Skip Navigation

Keene State Alum Earns NH Music Educator Award

Glen D’Eon ‘93, NHMEA's Distinguished Music Educator of the Year
Glen D’Eon ‘93, NHMEA's Distinguished Music Educator of the Year

Keene State College alumnus Glen D’Eon ‘93 has been awarded the Distinguished Music Educator of the Year by the New Hampshire Music Educators Association (NHMEA).

D’Eon who has been involved in music education at Fall Mountain Regional High School in Langdon, NH, for most of his career, received his undergraduate degree from Keene State College and elected to continue living and teaching in the Monadnock region.

The award is given annually to a music educator in New Hampshire, and selection is based on the teacher’s effectiveness, professionalism, and service to NHMEA. 

“It’s an honor, considering all of the wonderful music educators in the state,” said D’Eon. “I don’t see it as an award for me as much as it’s an award for my students, former students, faculty, staff, administration, and everyone who helped get me to where I am, and makes the program what it is.”

D’Eon, who has maintained a connection with Keene State since graduating in 1993 through his service as a member of Campus Safety as well as an adjunct faculty member in the Music Department, said he regularly gets student teachers from Keene State who come to study at Fall Mountain.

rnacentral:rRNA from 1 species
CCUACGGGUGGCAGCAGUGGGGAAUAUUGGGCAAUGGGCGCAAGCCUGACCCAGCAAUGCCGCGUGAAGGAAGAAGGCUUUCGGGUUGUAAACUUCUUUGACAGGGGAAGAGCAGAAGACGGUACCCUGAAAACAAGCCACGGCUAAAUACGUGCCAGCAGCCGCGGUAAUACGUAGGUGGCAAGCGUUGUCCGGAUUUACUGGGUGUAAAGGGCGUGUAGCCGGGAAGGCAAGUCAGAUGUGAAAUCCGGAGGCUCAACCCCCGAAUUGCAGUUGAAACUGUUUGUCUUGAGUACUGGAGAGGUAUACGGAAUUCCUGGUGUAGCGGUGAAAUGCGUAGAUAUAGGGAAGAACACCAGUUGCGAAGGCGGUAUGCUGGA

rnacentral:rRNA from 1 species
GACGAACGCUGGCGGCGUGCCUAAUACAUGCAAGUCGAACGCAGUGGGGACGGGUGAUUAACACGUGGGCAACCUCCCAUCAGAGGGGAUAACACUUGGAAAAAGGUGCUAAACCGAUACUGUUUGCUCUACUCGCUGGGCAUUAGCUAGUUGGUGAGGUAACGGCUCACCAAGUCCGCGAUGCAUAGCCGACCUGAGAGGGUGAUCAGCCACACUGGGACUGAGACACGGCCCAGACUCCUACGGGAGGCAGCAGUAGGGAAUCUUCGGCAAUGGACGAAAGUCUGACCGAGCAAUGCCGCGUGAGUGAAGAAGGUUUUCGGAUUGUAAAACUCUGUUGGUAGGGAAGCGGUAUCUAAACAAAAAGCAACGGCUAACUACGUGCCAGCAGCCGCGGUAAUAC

“I learn as much from them as they learn from me; I’m learning all the time and growing every year, and I’m trying to continue that,” said D’Eon. “I tell them that teaching is 95% personality – giving the kids respect and showing them that you want to help them be the best musician and person they can be; the other 5% is what you know. If they don’t see that you’re passionate about what you’re doing, you’re not going to get through to them,” he said. 

Carley Patch, a former student of D’Eon’s who played baritone and trombone in the band at Fall Mountain, said that D’Eon was particularly good at working with students of all skill levels. 

“I really enjoyed him as a teacher because he was absolutely one of the most giving teachers that you could have had. You can tell that he’s a very serious teacher; as I got older and took more classes with him, I could tell that he knew how to teach students differently because not everyone learns in the same way,” said Patch. 

D’Eon echoed Patch’s sentiment that different teaching methods are warranted for different students and added that including them in musical decision making helps to build a passion for performing music.

“I wouldn’t be doing what I’m doing for so long without that respect and passion for what we do. You’ve got to get the kids involved in as many decisions as possible. Then you have them invested in it and they know that you trust them to make musical decisions,” said D’Eon.